As head of the Metro Denver Economic Development Corp., Tom Clark typically can judge whether Colorado will have a positive year economically based on when his phone rings in January.

If a company seeking to move to Colorado calls him prior to Martin Luther King Jr. Day, it bodes well for the state.

This year, he received two such calls Jan. 2 and three more the following two days.

"It's going to be a very, very good year," Clark said Wednesday as he addressed a crowd of 200 regional businesspeople and elected officials at the "2013 Economic Forecast: Boulder and Beyond" event in Boulder.

Clark joined Ken Lund, executive director of the Colorado Office of Economic Development and International Trade, and Clif Harald, CEO of the Boulder Economic Council, for a discussion on "moving the economy forward" in 2013.

Lund cited progress on Gov. John Hickenlooper's Colorado Blueprint efforts to build a comprehensive state economic development plan through regional collaboration and focus on 14 key industries. Among those are seven "advanced industries" -- including energy, electronics, aerospace and bioscience -- that account for nearly 20 percent of the state's businesses and employ 19 percent of the state's workforce.

The proposed House Bill 13-1001 could bolster those advanced industries, which have significant hubs in the Boulder region, he said. The bipartisan bill provides for grants to industry members seeking funding for research and development, retention and infrastructure and also encourages collaboration between industries through an incentive.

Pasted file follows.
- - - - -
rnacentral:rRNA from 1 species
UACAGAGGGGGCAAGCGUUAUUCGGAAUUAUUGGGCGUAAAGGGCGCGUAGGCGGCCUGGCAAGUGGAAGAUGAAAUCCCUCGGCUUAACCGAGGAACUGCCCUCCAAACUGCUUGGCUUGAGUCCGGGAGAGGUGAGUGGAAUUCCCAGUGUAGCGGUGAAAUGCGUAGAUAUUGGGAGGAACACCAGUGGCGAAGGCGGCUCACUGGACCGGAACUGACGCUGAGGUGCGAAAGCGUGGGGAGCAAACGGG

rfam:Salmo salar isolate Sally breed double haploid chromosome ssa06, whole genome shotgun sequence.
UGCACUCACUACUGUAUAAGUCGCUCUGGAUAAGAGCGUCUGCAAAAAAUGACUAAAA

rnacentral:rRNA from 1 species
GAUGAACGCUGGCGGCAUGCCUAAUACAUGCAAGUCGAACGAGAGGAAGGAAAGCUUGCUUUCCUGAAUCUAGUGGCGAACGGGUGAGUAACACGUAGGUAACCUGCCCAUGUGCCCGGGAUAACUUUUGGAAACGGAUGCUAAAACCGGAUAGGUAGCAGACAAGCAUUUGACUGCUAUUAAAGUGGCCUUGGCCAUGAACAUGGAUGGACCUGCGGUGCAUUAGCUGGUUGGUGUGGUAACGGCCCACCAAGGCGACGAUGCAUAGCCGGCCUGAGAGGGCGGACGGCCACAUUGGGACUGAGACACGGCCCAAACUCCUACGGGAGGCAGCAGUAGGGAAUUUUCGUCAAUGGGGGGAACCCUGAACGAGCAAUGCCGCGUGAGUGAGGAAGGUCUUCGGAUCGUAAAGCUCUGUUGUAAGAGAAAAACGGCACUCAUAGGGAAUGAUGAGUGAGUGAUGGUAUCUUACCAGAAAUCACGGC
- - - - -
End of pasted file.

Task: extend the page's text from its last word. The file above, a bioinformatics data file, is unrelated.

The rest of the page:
"(HB 1001 could) be a very powerful growth accelerator, if you will, for those sectors," Lund said.

From 2006 to 2011, industries such as medical devices, aerospace, healthcare, wellness, fossil fuels, cleantech and pharmaceuticals recorded growth, with cleantech posting the biggest gains, Clark said.

"In 2008, cleantech was the only horse we had to ride," he said. "We got lucky, and we took advantage of being lucky."

The gains in that sector are expected to continue, he said, noting consumers are driving companies' sustainability efforts.

Boulder's diverse business base helped vault the city to a "robust" 2012, and the city and region are poised for similar returns this year, Harald said.

Harald, however, was quick to caution that several challenges still could persist and hinder future economic growth. These include: vulnerability in research and education investment; low commercial and industrial vacancy rates within Boulder city limits; and employee mobility concerns.

He stressed the importance of continued investment in business development efforts, highlighting the city's flexible rebate incentive program.

"If 2013 is that and more, I worry about complacency in taking some of this vibrancy for granted," he said.

Contact Camera Business Writer Alicia Wallace at 303-473-1332 or